the Happen-Ins, Damage Pants, Cause for Applause, and Gospel Truth
Back in wax
Reviewed by Austin Powell, Fri., March 5, 2010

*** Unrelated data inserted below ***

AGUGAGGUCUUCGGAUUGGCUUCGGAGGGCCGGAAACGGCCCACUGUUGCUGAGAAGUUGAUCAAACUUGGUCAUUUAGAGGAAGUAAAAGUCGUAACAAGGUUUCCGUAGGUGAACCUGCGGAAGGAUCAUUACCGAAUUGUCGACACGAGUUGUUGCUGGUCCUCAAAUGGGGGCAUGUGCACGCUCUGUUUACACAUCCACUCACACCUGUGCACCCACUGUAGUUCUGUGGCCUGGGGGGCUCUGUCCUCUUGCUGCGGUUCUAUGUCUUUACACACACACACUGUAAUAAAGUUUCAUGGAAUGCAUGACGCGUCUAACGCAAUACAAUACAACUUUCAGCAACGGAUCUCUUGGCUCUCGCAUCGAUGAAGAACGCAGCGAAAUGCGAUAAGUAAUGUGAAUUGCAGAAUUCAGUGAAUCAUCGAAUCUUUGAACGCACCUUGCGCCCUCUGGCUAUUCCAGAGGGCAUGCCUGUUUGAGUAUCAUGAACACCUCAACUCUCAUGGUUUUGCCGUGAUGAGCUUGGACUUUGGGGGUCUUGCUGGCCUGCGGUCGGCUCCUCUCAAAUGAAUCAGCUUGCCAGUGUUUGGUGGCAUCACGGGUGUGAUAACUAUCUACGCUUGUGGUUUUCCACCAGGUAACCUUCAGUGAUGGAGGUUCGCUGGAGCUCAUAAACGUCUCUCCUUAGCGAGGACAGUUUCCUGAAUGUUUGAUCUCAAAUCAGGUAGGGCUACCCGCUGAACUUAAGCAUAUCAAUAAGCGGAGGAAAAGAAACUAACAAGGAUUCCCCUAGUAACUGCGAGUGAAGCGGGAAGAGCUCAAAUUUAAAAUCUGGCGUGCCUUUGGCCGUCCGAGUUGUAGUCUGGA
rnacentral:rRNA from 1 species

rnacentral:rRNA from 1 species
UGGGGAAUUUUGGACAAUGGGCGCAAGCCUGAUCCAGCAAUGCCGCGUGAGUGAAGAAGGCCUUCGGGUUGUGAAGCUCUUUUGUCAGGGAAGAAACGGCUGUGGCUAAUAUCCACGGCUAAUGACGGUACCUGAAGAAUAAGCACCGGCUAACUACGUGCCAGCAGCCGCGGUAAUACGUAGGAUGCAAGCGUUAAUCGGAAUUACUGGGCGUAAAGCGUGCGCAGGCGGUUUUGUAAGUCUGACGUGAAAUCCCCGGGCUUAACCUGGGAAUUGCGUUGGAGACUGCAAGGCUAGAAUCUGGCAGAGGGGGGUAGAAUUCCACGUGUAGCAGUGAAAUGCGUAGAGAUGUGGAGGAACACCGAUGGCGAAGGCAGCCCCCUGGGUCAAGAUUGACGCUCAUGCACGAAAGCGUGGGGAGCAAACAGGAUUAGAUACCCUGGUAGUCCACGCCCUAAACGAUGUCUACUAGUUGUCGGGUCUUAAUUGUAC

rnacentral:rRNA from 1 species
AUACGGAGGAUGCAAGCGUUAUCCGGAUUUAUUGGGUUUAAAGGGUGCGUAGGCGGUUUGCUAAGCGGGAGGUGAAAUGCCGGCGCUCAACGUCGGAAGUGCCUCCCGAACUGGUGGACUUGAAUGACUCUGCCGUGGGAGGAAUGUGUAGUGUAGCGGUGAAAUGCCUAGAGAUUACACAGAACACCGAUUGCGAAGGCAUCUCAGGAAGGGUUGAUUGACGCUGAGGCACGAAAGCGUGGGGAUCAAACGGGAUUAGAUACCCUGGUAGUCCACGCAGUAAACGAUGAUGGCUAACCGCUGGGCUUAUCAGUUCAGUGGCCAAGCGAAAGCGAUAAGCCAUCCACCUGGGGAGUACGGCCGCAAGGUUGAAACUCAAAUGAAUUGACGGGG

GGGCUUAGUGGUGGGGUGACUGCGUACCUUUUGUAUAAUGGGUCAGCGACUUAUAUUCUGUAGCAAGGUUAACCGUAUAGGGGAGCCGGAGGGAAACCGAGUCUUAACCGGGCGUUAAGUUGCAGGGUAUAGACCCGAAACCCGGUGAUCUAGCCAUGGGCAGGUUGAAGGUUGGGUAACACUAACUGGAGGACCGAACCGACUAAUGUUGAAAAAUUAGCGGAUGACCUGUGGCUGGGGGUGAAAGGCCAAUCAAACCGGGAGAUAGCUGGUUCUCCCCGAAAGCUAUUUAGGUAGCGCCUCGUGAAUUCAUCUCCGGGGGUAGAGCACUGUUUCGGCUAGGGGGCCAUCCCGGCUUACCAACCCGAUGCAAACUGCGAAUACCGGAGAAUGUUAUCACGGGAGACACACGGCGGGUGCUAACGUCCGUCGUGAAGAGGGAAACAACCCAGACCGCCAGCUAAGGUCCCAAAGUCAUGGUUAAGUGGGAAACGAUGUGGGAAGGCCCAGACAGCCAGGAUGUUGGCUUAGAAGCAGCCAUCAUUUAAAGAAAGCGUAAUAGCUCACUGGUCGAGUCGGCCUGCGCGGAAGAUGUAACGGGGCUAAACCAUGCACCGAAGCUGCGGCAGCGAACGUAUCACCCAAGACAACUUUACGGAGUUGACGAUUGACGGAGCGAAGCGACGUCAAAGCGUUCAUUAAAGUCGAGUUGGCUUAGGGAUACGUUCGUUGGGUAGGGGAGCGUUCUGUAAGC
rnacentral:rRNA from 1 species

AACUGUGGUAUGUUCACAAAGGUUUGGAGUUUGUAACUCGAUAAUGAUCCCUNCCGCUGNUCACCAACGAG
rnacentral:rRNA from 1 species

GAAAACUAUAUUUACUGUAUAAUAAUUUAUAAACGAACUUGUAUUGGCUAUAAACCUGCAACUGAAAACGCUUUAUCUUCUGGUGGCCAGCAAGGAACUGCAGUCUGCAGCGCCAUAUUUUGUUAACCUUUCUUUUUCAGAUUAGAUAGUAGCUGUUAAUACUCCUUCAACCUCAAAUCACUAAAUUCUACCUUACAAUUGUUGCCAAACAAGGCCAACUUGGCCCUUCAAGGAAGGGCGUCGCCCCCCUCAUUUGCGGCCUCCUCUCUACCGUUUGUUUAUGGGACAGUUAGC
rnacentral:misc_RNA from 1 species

To borrow a line from Jack White's Raconteurs, the Happen-Ins are consolers of the lonely. The local quartet's self-titled debut, currently making the rounds on vinyl, shackles the roots flair of singer/guitarist Sean Faires' short-lived Dedringers (the pedal-steel-accented "You've Been Bad" and "Don't Look Back") with the unabashed, Rolling Stones swagger of guitarist Ricky Ray Jackson's Lomita ("Do It," "Cross Your Heart"). The resulting maximum fuzz R&B unbuttons easier than pearl snaps in the steel glow of "Don't Look Back," slow Deep City soul of "Never Said," and slide-guitar-spurred dustup "Die." Still rough and needing more Keith Richards to balance out this Beggars Banquet, the Happen-Ins are off to a promising start. Austin's Damage Pants, likewise, bulldozes through its eponymous wax LP, released by Bombay Cove, complete with a free MP3 download. The two-man wrecking crew mines the middle rubble between Kyuss' stoner blues and the rhythmic gyration of Death From Above 1979, except without the sleazy sexiness inherent in both. Drummer/vocalist Robert Davis' post-hardcore thrashing locks in with Kyle Smith's sledgehammer grooves like a cage match. The latter opens on guitar ("Empty or Not," the doom-laden "We Were Left") but does more damage on bass, especially on "The Hands of Paolo Rocco" and "Ballad," which is anything but. The inaugural, vinyl-only pressing from Austin's Bicentennial Baby Records pairs locals Cause for Applause with Gospel Truth for what sounds like a double bill at late music venue the Blue Flamingo – drunken, 1990s noise-rock with a confrontational streak. Cause for Applause features a former member of '68 Comeback and Kid Congo Powers & the Pink Monkey Birds, which, along with the staggered pub-blues of Beasts of Bourbon, is solid framework for these six skuzzy tunes. Bassist David Lloyd Wofford contorts his vocals with Hank Williams' yelp and David Yow's screech, bemoaning in "More, More More": "I'd like to get up. Which way is up?" On the flip side, Gospel Truth testifies to the Touch & Go legacy (Mule, the Jesus Lizard, Laughing Hyenas), smearing organ and jarring saxophone to its intense, disorienting rockabilly berserk. Sounds like a hell-bent tent revival.